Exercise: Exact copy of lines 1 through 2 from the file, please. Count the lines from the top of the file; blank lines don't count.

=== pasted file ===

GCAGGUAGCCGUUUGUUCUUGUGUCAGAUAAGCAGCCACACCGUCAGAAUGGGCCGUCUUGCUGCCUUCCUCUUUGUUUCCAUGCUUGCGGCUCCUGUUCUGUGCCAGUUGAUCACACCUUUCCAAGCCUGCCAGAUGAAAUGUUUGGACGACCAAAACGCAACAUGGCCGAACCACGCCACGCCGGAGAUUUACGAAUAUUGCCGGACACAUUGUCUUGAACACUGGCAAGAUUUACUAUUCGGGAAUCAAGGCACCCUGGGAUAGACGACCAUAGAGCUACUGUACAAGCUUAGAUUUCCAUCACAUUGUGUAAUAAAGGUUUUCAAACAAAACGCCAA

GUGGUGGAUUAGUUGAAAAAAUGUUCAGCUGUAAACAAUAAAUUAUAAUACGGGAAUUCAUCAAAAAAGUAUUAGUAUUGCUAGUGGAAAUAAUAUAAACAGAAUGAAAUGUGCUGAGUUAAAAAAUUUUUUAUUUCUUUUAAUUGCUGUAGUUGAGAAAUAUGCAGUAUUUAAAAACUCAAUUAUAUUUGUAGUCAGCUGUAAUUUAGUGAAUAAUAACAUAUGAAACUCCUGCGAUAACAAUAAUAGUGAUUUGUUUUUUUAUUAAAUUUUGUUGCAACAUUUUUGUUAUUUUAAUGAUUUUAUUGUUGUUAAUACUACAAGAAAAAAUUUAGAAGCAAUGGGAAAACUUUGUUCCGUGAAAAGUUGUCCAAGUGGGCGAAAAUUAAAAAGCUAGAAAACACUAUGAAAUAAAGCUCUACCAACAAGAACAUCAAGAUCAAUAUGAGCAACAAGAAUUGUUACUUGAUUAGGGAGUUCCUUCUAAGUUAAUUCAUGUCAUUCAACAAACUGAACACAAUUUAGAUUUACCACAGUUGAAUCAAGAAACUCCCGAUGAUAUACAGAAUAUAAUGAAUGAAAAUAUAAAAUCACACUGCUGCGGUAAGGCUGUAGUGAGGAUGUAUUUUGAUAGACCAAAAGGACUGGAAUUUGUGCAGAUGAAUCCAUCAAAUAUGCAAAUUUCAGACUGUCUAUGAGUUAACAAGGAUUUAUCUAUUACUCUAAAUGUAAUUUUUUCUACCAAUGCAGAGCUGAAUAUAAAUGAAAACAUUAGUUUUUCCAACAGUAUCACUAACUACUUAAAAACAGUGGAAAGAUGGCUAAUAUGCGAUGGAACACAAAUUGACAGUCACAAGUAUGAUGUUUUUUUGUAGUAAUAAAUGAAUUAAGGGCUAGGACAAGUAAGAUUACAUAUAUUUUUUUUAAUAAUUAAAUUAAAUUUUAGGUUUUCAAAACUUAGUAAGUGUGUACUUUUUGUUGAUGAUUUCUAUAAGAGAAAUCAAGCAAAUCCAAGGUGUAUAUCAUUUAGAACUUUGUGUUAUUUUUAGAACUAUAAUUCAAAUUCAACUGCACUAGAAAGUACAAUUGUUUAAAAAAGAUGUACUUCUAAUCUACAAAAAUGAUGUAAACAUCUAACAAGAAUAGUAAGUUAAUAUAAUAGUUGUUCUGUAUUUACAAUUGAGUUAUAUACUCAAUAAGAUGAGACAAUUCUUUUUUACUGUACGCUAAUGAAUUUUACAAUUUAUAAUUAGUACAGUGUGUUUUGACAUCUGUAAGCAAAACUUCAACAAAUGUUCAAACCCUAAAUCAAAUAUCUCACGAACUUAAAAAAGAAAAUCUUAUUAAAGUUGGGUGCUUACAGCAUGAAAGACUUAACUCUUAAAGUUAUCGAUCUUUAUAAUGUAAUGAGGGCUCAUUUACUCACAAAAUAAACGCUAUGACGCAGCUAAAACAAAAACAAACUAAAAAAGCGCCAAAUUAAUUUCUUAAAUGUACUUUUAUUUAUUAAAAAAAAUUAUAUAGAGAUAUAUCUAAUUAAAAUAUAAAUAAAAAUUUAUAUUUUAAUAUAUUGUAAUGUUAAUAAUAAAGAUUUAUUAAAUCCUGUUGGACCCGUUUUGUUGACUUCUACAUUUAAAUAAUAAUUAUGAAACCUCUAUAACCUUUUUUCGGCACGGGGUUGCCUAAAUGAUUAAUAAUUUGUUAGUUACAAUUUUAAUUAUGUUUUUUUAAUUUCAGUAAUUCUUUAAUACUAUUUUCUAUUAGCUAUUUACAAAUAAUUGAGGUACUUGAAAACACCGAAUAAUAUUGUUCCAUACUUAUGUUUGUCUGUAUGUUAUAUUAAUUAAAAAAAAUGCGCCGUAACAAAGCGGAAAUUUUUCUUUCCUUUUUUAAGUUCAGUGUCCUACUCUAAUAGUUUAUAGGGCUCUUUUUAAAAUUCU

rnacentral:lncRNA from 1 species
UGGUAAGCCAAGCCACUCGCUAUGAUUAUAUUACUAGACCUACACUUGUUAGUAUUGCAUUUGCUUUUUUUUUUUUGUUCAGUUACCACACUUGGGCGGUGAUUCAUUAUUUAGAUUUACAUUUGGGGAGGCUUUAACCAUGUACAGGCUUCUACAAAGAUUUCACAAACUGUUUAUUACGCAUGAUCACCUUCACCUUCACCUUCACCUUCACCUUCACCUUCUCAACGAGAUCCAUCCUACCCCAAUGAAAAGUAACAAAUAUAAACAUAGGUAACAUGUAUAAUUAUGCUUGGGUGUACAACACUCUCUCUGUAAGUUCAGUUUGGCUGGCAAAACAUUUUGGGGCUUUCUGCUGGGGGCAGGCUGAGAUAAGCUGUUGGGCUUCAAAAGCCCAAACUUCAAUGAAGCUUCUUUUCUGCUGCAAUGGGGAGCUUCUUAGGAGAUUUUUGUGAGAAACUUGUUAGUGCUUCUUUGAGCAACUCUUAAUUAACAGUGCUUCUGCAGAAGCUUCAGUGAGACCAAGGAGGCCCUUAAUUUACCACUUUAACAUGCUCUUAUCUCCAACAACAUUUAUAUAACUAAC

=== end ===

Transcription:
GCAGGUAGCCGUUUGUUCUUGUGUCAGAUAAGCAGCCACACCGUCAGAAUGGGCCGUCUUGCUGCCUUCCUCUUUGUUUCCAUGCUUGCGGCUCCUGUUCUGUGCCAGUUGAUCACACCUUUCCAAGCCUGCCAGAUGAAAUGUUUGGACGACCAAAACGCAACAUGGCCGAACCACGCCACGCCGGAGAUUUACGAAUAUUGCCGGACACAUUGUCUUGAACACUGGCAAGAUUUACUAUUCGGGAAUCAAGGCACCCUGGGAUAGACGACCAUAGAGCUACUGUACAAGCUUAGAUUUCCAUCACAUUGUGUAAUAAAGGUUUUCAAACAAAACGCCAA

GUGGUGGAUUAGUUGAAAAAAUGUUCAGCUGUAAACAAUAAAUUAUAAUACGGGAAUUCAUCAAAAAAGUAUUAGUAUUGCUAGUGGAAAUAAUAUAAACAGAAUGAAAUGUGCUGAGUUAAAAAAUUUUUUAUUUCUUUUAAUUGCUGUAGUUGAGAAAUAUGCAGUAUUUAAAAACUCAAUUAUAUUUGUAGUCAGCUGUAAUUUAGUGAAUAAUAACAUAUGAAACUCCUGCGAUAACAAUAAUAGUGAUUUGUUUUUUUAUUAAAUUUUGUUGCAACAUUUUUGUUAUUUUAAUGAUUUUAUUGUUGUUAAUACUACAAGAAAAAAUUUAGAAGCAAUGGGAAAACUUUGUUCCGUGAAAAGUUGUCCAAGUGGGCGAAAAUUAAAAAGCUAGAAAACACUAUGAAAUAAAGCUCUACCAACAAGAACAUCAAGAUCAAUAUGAGCAACAAGAAUUGUUACUUGAUUAGGGAGUUCCUUCUAAGUUAAUUCAUGUCAUUCAACAAACUGAACACAAUUUAGAUUUACCACAGUUGAAUCAAGAAACUCCCGAUGAUAUACAGAAUAUAAUGAAUGAAAAUAUAAAAUCACACUGCUGCGGUAAGGCUGUAGUGAGGAUGUAUUUUGAUAGACCAAAAGGACUGGAAUUUGUGCAGAUGAAUCCAUCAAAUAUGCAAAUUUCAGACUGUCUAUGAGUUAACAAGGAUUUAUCUAUUACUCUAAAUGUAAUUUUUUCUACCAAUGCAGAGCUGAAUAUAAAUGAAAACAUUAGUUUUUCCAACAGUAUCACUAACUACUUAAAAACAGUGGAAAGAUGGCUAAUAUGCGAUGGAACACAAAUUGACAGUCACAAGUAUGAUGUUUUUUUGUAGUAAUAAAUGAAUUAAGGGCUAGGACAAGUAAGAUUACAUAUAUUUUUUUUAAUAAUUAAAUUAAAUUUUAGGUUUUCAAAACUUAGUAAGUGUGUACUUUUUGUUGAUGAUUUCUAUAAGAGAAAUCAAGCAAAUCCAAGGUGUAUAUCAUUUAGAACUUUGUGUUAUUUUUAGAACUAUAAUUCAAAUUCAACUGCACUAGAAAGUACAAUUGUUUAAAAAAGAUGUACUUCUAAUCUACAAAAAUGAUGUAAACAUCUAACAAGAAUAGUAAGUUAAUAUAAUAGUUGUUCUGUAUUUACAAUUGAGUUAUAUACUCAAUAAGAUGAGACAAUUCUUUUUUACUGUACGCUAAUGAAUUUUACAAUUUAUAAUUAGUACAGUGUGUUUUGACAUCUGUAAGCAAAACUUCAACAAAUGUUCAAACCCUAAAUCAAAUAUCUCACGAACUUAAAAAAGAAAAUCUUAUUAAAGUUGGGUGCUUACAGCAUGAAAGACUUAACUCUUAAAGUUAUCGAUCUUUAUAAUGUAAUGAGGGCUCAUUUACUCACAAAAUAAACGCUAUGACGCAGCUAAAACAAAAACAAACUAAAAAAGCGCCAAAUUAAUUUCUUAAAUGUACUUUUAUUUAUUAAAAAAAAUUAUAUAGAGAUAUAUCUAAUUAAAAUAUAAAUAAAAAUUUAUAUUUUAAUAUAUUGUAAUGUUAAUAAUAAAGAUUUAUUAAAUCCUGUUGGACCCGUUUUGUUGACUUCUACAUUUAAAUAAUAAUUAUGAAACCUCUAUAACCUUUUUUCGGCACGGGGUUGCCUAAAUGAUUAAUAAUUUGUUAGUUACAAUUUUAAUUAUGUUUUUUUAAUUUCAGUAAUUCUUUAAUACUAUUUUCUAUUAGCUAUUUACAAAUAAUUGAGGUACUUGAAAACACCGAAUAAUAUUGUUCCAUACUUAUGUUUGUCUGUAUGUUAUAUUAAUUAAAAAAAAUGCGCCGUAACAAAGCGGAAAUUUUUCUUUCCUUUUUUAAGUUCAGUGUCCUACUCUAAUAGUUUAUAGGGCUCUUUUUAAAAUUCU